Canal walk – Radcliffe to Bury

Another gloriously warm and sunny afternoon saw me out and about with the dogs and camera again, this time along the Radcliffe to Bury section of the Manchester, Bolton and Bury canal. My walk started from the car park of the Last Orders pub on the A665 leading into Radcliffe; a short flight of stone steps led down from the car park itself to the towpath and I’d only gone twenty yards or so when I got my first shot, followed by a second one within another twenty yards. A bit further on was an old railway bridge in faded red paint and with lettering on the side, though I couldn’t quite make out what it said until I got closer to it.
The footpath over the bridge was part of a much longer path known locally as the ‘banana path’ (opinions seem to differ as to why it’s called that) and the slogan on the side of the bridge was one of the more obscure ‘artworks’ on the Irwell Sculpture Trail. Designed by New York-based artist Lawrence Weiner, one of the central figures of late 20th century art, the slogan is one of several in various locations around the world and is supposed to represent the artist’s attempt to understand the nature of water. Now I wonder, just how many minutes did it take him to think that one up?!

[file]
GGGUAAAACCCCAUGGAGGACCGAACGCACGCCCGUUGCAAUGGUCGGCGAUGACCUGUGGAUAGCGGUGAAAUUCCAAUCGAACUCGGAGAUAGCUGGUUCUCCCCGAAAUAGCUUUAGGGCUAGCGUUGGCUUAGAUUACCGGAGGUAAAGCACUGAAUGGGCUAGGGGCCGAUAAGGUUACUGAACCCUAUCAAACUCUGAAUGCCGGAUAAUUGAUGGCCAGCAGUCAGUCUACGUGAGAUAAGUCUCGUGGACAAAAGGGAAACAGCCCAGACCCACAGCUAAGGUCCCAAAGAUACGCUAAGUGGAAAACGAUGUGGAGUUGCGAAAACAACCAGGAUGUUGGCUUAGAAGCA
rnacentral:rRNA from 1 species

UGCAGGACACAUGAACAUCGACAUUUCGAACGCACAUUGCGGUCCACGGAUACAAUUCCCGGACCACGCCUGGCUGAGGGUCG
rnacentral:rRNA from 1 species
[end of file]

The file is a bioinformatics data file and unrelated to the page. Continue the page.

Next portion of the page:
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‘Water made it wet’ – a text work by Lawrence Weiner
From the bridge the towpath was bordered for much of its length by hawthorn trees which had recently come into bloom and were giving off their lovely scent. I love the smell of hawthorn and often think it’s a shame that some enterprising perfume manufacturer doesn’t develop a fragrance like that; I’m not normally a perfume wearer but if there was a hawthorn one I’d have bottles of the stuff.
Across the far side of the canal open fields were dotted with sheep and cows, while in the far distance ahead and high up on the hills were the wind turbines of Scout Moor windfarm, the second largest onshore windfarm in England. As far as countryside goes I wasn’t that far from civilisation, there was nothing remarkable about my surroundings and there weren’t a great many photo opportunities as much of my route looked the same, but in the warm sunshine and with the sound of various birds in the trees it was a really pleasant walk.
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An overgrown section
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Eventually I came to another bridge and the high bank of Elton reservoir over on my left; I’d reached the outskirts of Bury and I knew from cycling that way years ago that I would soon be approaching an industrial area and there wasn’t much canal left, so I left the towpath and followed the nearby lane over the bridge and up to the reservoir. Elton Sailing Club was nearby and there were several yachts in the process of going back to the clubhouse so I snapped a quick photo then set off on a clockwise circuit of the lake.